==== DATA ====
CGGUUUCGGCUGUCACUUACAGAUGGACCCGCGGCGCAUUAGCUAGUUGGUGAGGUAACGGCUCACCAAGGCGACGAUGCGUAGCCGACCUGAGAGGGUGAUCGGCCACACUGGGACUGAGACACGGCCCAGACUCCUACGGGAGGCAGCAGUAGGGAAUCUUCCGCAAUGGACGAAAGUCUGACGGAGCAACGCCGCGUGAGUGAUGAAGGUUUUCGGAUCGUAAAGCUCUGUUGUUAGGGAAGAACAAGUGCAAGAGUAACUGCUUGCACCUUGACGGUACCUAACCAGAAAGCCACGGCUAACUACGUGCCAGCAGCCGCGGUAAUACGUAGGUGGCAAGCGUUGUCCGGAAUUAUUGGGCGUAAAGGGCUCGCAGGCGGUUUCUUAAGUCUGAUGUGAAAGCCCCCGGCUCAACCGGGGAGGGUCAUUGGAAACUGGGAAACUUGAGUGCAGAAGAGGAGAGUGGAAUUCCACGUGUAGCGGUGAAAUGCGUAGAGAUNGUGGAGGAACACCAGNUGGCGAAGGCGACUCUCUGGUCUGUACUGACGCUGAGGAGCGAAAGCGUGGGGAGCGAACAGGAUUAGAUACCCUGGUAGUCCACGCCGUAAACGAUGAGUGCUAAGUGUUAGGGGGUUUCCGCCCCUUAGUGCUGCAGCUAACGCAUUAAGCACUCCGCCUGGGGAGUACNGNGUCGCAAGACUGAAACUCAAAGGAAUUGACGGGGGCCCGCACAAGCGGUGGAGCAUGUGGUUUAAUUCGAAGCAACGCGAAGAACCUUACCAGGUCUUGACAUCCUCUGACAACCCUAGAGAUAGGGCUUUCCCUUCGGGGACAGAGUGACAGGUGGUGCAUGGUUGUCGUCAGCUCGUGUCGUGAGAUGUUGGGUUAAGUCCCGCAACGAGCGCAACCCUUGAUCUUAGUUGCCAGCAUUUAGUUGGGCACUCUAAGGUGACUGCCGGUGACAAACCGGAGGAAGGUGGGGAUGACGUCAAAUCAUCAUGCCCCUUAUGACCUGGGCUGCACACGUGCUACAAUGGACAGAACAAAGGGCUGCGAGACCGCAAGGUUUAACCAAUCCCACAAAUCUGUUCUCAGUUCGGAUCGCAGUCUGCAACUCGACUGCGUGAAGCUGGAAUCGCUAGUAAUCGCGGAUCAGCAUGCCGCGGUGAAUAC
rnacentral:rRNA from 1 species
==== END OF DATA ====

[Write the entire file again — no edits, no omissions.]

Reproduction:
CGGUUUCGGCUGUCACUUACAGAUGGACCCGCGGCGCAUUAGCUAGUUGGUGAGGUAACGGCUCACCAAGGCGACGAUGCGUAGCCGACCUGAGAGGGUGAUCGGCCACACUGGGACUGAGACACGGCCCAGACUCCUACGGGAGGCAGCAGUAGGGAAUCUUCCGCAAUGGACGAAAGUCUGACGGAGCAACGCCGCGUGAGUGAUGAAGGUUUUCGGAUCGUAAAGCUCUGUUGUUAGGGAAGAACAAGUGCAAGAGUAACUGCUUGCACCUUGACGGUACCUAACCAGAAAGCCACGGCUAACUACGUGCCAGCAGCCGCGGUAAUACGUAGGUGGCAAGCGUUGUCCGGAAUUAUUGGGCGUAAAGGGCUCGCAGGCGGUUUCUUAAGUCUGAUGUGAAAGCCCCCGGCUCAACCGGGGAGGGUCAUUGGAAACUGGGAAACUUGAGUGCAGAAGAGGAGAGUGGAAUUCCACGUGUAGCGGUGAAAUGCGUAGAGAUNGUGGAGGAACACCAGNUGGCGAAGGCGACUCUCUGGUCUGUACUGACGCUGAGGAGCGAAAGCGUGGGGAGCGAACAGGAUUAGAUACCCUGGUAGUCCACGCCGUAAACGAUGAGUGCUAAGUGUUAGGGGGUUUCCGCCCCUUAGUGCUGCAGCUAACGCAUUAAGCACUCCGCCUGGGGAGUACNGNGUCGCAAGACUGAAACUCAAAGGAAUUGACGGGGGCCCGCACAAGCGGUGGAGCAUGUGGUUUAAUUCGAAGCAACGCGAAGAACCUUACCAGGUCUUGACAUCCUCUGACAACCCUAGAGAUAGGGCUUUCCCUUCGGGGACAGAGUGACAGGUGGUGCAUGGUUGUCGUCAGCUCGUGUCGUGAGAUGUUGGGUUAAGUCCCGCAACGAGCGCAACCCUUGAUCUUAGUUGCCAGCAUUUAGUUGGGCACUCUAAGGUGACUGCCGGUGACAAACCGGAGGAAGGUGGGGAUGACGUCAAAUCAUCAUGCCCCUUAUGACCUGGGCUGCACACGUGCUACAAUGGACAGAACAAAGGGCUGCGAGACCGCAAGGUUUAACCAAUCCCACAAAUCUGUUCUCAGUUCGGAUCGCAGUCUGCAACUCGACUGCGUGAAGCUGGAAUCGCUAGUAAUCGCGGAUCAGCAUGCCGCGGUGAAUAC
rnacentral:rRNA from 1 species